4. Some people like how it used to be, with just 40-50 teams...they can't take the growth and change the sport is undergoing
5.There are probably a thousand different reasons why they would say this but the main one is...Us BBQ people just like to B#tch alot :becky:

I bet when you return next year they will all be there competing, and spouting off the same things as this year...

Neil

Scottie
11-26-2011, 10:35 AM
The sooner young cooks learn that it's you vs. judges and not vs. the 'big name' teams. Big name teams dont control the contest. You do as a cook. I personally enjoy cooking against the 'big boys'. If you cant get up for cooking against the best, then youre not a competitor.

Go out and have fun, cook your best and dont worry about anyone else.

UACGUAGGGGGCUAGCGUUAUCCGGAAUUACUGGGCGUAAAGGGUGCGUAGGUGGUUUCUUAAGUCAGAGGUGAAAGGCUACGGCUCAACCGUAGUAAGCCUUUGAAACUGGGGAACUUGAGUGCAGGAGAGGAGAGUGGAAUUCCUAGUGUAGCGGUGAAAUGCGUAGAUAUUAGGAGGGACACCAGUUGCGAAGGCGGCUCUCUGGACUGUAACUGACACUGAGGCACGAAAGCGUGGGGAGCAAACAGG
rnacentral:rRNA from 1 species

'You' is used in general terms.

Rookie'48
11-26-2011, 12:12 PM
The team that puts the "best" product on the "best" table is going to win. Admittedly, the "big boys" have a better shot at this because they cook more and have spent more time refining their skills, but like they say: "On any given Saturday ....." :becky:.

Hub
11-26-2011, 03:16 PM
Cumming was a first class contest, especially for a first year event. Great sponsor work and super reps on hand. Big name competitors to challenge the entrants. It doesn't get much better. Anyone who complains has no basis for it.

Hub

HarleyEarl
11-26-2011, 05:01 PM
I was not at this contest, however I do have experience with both large and small contests alike. I love the intimacy of the smaller contests (even if five of the top ten teams in the nation are there) and the intense competition of the larger ones. I don’t look at the contest size when planning which to go to, but rather the reputation of the organizers or personal experience with any given contest.

Some of the issues/complaining could have been driven by the organizers – two specifics stick out in my mind from this year: